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Journalism’s Financial Realities Can’t Snuff Out Sparks of Hope

May 10, 2021

The author’s dad, Jim Anderson.

As a teen, I watched the contractions of the once-legendary United Press International wire service, where my dad stuck it out as a reporter with the dedication of the Titanic band.

UPI’s decline was precipitated by the death of afternoon newspapers, which were killed by the evening network news. Towns with only a morning paper needed just one wire service and AP dominated.

The monopoly morning newspapers and network evening news had a long successful run before the Internet changed everything and they faced their own reckoning.

UPI’s downward spiral was a story of both media trends and mismanagement by executives far above my dad’s pay grade.

Wage concessions meant my dad’s top union salary of $35,000 was cut by a third. In 1984, the year I graduated high school with journalism dreams, UPI entered its first bankruptcy.

Failing to heed the warning signs, I threw myself into my college newspaper and, after unpaid journalism internships, got a job making $300 a week (before taxes) at a little underfunded D.C. operation called States News Service. Before its demise, it provided virtual Washington bureaus for local newspapers.

I made my way out West in 1990 to the then-struggling Denver Post. Its management had botched a transition from afternoon to morning paper so it was getting its ass kicked by the Rocky Mountain News in one of the nation’s last newspaper wars.

At my job interview, the city editor noted, “We may not be around in six months.” He also pointed out that one of my strengths as a job candidate was that I was starting on the bottom of the union wage scale.

Even in the shadows of these financial challenges, reporters kept delivering quality journalism day after day.

But my father offered me this sage early-career advice: “Journalism has been a wonderful career for me but it is not a growth industry.”

I pivoted to a career in marketing and communications around public issues.

In that role, I helped manage communications around the closing of the Rocky Mountain News in 2009.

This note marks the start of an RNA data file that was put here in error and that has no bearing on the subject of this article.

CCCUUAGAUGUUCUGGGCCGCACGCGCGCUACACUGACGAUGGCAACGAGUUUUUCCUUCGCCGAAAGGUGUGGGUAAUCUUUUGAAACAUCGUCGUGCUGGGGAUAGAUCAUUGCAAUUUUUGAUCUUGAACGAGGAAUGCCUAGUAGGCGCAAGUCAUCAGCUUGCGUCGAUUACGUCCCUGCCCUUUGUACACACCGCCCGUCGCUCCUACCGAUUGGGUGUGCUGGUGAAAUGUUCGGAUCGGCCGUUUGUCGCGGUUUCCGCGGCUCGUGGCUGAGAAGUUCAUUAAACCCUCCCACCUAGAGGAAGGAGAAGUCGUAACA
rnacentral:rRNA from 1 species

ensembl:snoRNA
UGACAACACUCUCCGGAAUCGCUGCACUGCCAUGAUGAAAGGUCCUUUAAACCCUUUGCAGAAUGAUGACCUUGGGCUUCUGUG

I watched the printing presses produce the last edition. The talented Rocky Mountain News staff kept producing important journalism till the bitter end. A photographer took photos of the first of the final copies coming off the presses, sending the images back to the newsroom for its last late edition.

With its path to profitability seemingly clear, The Denver Post brass spoke of big investments to expand news operations.

We all have seen how that has turned out. A new private equity owner took over and focused relentlessly on margins, not journalism. Dedicated reporters were furloughed. The sleek Denver Post downtown edifice was emptied of journalists.

But my belief in the enduring value of journalism remains undaunted by the often brutal economic realities.

Over the past couple of weeks, I had the opportunity to work on a promising project, helping to tell the story of how a team of local and national visionaries — including experts in journalism, philanthropy, and finance — collaborated to keep two dozen Denver-area weeklies and monthlies in local hands.

They developed a model that will leverage foundation dollars to help finance the deal while balancing profitability with quality journalism.

Instead of recklessly cutting costs while alienating readers, creating a death spiral, this mission-driven company will embrace a long-term, sustainable model to grow a loyal audience. (More details are available at ColoradoNewsConservancy.com.)

It’s an inspiration and, I hope, a harbinger of things to come.

As it turns out, my family still has skin in the game.

This fall my daughter starts college as a freshman journalism major.

Eric Anderson (@Eric_A_Anderson) covered state politics, among other topics, for The Denver Post and reported for the South China Morning Post in Hong Kong as a Luce Scholar before co-founding SE2 in 1998.